$$\left\{\begin{align}x_{1} + x_{2} +4x_{3} &= 1 \\ 3x_{1} +2x_{2} -5x_{3} &= -8 \end{align}\right.$$

$$\begin{bmatrix} x_1 \\ x_2 \\ x_3 \end{bmatrix} = \begin{bmatrix} \quad \\ \quad \\ \quad \\ \end{bmatrix} + s\begin{bmatrix} \quad \\ \quad \\ \quad \\ \end{bmatrix}$$

So when I try to solve this, I turn it into an augmented/coefficient matrix. Then I row reduce. Which gives me the reduced matrix:

$$\left[\begin{array}{ccc|c} 1 & 0 & -13 & -10 \\ 0 & 1 & 17 & 11 \end{array}\right]$$

Then I turned this back into an equation
$$\begin{align*} x_{1} + 0x_{2} -13 x_{3} &= -10 \\ 0x_{1} + x_{2} +17 x_{3} &= 11 \end{align*}$$

Then basically I get that
$$\begin{align*} x_{1} &= -10 + 13s \\ x_{2} &= 11 - 17s \end{align*}$$

The answer has $3$ rows per vector. So I'm just confused as to what goes into the $x_3$ spot for the row or if I even did this correctly.

  • 2
    $\begingroup$ Please format your question properly. $\endgroup$ – lightxbulb Feb 7 at 1:57
  • $\begingroup$ I am not sure how to do so. I tried my best $\endgroup$ – K Jay Feb 7 at 2:02
  • $\begingroup$ But the x1 is x sub one, but I don't know how to make it look like that $\endgroup$ – K Jay Feb 7 at 2:03
  • 2
    $\begingroup$ Here is a page that shows how to format mathematical symbols and operations for the site... $\endgroup$ – Eleven-Eleven Feb 7 at 2:06
  • $\begingroup$ @KJay I've edited your question. If my interpretation is not correct, please feel free to edit it again, or simply revert back to the previous version. In either case, I would advise pressing "edit" to see how I've formatted your question. Have a play around with it, so you can take the opportunity to learn to do this for yourself. $\endgroup$ – Theo Bendit Feb 7 at 2:44

By the looks of it, you've let $x_3$ be a free variable $s$. Hence, in addition to $x_1 = -10 + 13s$ and $x_2 = 11 - 17s$, you also have $x_3 = 0 + 1s$. That is, $$\begin{bmatrix} x_1 \\ x_2 \\ x_3 \end{bmatrix} = \begin{bmatrix} -10 \\ 11 \\ 0 \end{bmatrix} + s\begin{bmatrix} 13 \\ -17 \\ 1 \end{bmatrix}.$$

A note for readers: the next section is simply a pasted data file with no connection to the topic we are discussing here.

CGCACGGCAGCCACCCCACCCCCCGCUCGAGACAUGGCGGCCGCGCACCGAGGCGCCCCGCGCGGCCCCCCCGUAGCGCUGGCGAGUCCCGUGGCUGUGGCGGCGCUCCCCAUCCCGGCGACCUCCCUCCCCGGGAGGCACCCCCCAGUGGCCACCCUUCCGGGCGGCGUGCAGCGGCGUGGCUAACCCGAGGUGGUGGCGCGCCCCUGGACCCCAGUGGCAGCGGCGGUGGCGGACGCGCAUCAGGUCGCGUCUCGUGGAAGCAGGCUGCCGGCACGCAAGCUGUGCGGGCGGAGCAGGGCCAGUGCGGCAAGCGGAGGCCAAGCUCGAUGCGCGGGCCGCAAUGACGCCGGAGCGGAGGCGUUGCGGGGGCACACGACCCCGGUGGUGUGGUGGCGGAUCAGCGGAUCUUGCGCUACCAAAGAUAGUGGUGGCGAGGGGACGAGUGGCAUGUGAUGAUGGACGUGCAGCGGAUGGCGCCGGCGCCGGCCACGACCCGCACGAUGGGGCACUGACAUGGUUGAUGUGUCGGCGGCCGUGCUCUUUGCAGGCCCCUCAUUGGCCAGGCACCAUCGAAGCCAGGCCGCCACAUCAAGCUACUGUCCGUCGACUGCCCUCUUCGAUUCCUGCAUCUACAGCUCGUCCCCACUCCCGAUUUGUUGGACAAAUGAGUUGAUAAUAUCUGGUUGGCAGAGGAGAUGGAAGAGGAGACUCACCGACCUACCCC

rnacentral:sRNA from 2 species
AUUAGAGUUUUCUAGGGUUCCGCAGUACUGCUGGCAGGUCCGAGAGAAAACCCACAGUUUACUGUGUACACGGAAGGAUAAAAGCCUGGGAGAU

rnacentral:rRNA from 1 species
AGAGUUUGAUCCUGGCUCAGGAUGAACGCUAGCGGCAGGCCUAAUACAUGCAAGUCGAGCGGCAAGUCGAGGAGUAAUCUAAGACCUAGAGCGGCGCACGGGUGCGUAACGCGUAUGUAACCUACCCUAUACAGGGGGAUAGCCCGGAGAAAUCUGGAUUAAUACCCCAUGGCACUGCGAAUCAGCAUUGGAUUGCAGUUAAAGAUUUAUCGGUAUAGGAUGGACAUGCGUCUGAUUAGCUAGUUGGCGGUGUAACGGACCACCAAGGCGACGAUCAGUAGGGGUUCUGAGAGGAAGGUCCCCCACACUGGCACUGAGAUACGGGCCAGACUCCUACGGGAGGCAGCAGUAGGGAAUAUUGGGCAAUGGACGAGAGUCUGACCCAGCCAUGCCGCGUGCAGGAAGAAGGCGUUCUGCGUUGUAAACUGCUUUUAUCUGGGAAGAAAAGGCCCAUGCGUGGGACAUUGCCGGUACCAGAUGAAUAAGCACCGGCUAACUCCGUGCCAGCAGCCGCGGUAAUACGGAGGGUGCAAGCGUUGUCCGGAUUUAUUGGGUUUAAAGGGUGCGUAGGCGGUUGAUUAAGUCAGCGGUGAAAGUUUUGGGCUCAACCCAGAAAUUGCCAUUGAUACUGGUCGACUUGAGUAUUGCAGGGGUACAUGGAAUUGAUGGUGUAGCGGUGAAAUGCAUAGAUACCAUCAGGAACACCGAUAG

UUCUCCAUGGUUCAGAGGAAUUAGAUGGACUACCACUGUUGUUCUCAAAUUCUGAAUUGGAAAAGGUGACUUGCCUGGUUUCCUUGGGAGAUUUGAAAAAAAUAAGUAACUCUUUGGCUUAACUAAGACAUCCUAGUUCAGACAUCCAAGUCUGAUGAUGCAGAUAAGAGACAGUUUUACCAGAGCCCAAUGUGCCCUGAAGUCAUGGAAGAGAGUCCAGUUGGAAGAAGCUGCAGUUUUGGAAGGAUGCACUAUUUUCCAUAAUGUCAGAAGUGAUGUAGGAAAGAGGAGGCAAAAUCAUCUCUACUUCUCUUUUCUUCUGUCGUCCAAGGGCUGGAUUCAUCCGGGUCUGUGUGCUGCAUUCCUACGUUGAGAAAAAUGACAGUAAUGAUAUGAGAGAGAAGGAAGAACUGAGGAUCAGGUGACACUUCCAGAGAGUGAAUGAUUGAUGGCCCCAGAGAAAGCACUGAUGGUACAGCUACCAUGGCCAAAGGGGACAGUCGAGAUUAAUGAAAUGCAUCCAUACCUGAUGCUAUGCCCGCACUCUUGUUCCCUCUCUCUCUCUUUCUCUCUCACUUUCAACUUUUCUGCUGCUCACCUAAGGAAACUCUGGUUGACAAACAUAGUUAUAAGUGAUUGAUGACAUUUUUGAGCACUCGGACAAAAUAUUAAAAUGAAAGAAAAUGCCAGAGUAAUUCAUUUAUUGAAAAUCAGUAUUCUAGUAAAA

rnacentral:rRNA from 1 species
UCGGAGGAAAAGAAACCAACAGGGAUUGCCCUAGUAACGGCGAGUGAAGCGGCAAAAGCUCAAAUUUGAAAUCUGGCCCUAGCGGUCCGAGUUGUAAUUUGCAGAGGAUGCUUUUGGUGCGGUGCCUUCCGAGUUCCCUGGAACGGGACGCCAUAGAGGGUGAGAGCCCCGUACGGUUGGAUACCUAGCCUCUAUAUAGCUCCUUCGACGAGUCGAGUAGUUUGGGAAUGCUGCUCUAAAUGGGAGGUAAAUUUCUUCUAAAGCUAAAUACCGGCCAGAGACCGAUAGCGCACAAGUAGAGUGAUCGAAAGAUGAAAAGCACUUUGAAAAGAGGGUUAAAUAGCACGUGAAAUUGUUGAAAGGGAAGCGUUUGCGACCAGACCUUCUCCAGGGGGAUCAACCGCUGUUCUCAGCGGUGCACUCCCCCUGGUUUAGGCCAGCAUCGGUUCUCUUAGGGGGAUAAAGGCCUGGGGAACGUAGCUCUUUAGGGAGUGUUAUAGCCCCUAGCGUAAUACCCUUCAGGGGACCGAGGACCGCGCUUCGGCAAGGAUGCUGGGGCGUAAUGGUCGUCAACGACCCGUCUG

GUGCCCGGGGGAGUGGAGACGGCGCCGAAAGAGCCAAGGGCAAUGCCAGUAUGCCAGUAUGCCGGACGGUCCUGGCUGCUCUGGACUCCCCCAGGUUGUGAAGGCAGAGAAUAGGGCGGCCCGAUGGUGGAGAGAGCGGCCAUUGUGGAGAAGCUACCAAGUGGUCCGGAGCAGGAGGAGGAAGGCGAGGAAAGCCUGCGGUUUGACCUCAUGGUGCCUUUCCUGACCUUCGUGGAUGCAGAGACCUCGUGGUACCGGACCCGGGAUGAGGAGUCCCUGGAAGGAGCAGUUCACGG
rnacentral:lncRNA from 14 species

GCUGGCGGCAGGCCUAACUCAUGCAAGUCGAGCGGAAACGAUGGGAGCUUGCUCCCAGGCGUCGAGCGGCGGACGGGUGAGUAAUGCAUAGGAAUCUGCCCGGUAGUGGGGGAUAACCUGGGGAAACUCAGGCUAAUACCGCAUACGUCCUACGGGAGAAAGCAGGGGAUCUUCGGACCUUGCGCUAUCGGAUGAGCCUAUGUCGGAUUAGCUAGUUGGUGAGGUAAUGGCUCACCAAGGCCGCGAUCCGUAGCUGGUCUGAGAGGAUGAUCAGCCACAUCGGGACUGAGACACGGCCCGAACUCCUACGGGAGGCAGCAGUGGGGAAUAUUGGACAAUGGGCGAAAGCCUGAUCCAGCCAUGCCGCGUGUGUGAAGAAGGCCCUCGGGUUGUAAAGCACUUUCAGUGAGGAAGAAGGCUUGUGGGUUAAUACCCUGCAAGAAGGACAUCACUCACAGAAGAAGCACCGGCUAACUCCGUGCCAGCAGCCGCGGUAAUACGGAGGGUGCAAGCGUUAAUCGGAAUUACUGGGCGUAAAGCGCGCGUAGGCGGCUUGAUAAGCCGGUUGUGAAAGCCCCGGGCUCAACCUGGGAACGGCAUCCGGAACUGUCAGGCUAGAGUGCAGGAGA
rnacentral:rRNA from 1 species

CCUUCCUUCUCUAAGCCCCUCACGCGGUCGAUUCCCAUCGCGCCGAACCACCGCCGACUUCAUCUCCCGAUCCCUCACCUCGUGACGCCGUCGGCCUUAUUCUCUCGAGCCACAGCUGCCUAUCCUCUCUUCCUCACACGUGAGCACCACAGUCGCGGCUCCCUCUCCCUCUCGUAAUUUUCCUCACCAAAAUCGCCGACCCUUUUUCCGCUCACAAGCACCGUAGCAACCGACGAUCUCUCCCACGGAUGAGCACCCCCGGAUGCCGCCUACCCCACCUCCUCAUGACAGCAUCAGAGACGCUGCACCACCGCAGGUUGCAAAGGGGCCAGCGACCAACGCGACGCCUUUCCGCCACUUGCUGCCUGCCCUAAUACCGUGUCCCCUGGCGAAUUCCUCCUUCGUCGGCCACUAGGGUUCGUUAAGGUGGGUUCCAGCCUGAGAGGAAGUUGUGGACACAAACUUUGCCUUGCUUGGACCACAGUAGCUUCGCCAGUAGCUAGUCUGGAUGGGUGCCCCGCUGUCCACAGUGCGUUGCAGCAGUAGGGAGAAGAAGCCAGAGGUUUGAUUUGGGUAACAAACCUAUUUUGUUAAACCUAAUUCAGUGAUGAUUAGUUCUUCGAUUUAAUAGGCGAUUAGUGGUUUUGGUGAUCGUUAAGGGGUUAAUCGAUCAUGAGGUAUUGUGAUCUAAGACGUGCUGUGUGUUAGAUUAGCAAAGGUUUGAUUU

• $\begingroup$ I'm still a little confused why does $x_{3}$ = 0 +1s $\endgroup$ – K Jay Feb 7 at 3:02
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    $\begingroup$ @KJay The method you're following, even if you don't completely understand it, is to take certain variables in your system of equation (specifically, ones corresponding to a column without pivots, in this case, just $x_3$) and make them free variables. By choosing a value of $x_3$, you obtain unique values for $x_1, x_2$ that produce a solution. Conversely, any solution must assign $x_3$ a value! So, we can parameterise all solutions by letting $x_3$ roam free over the reals. $\endgroup$ – Theo Bendit Feb 7 at 3:10
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    $\begingroup$ @KJay Conventionally, we give our free parameters their own name, typically $t, s, r$, etc. You've called $x_3$ the free parameter $s$, and found $x_1$ and $x_2$ in terms of $s$. The only relationship you missed was $x_3 = s$, which was basically the definition of $s$. $\endgroup$ – Theo Bendit Feb 7 at 3:11

When you "turned it back into an equation " you made an error. You should get: $x_1-13x_3=-10\\x_2+17x_3=11$. You can choose $x_3$ freely, then solve for $x_1$ and $x_2$. The solution space is $1$-dimensional.

You get $\{\begin{pmatrix}-10+13s\\11-17s\\s\end{pmatrix}: s\in\Bbb R\}$.


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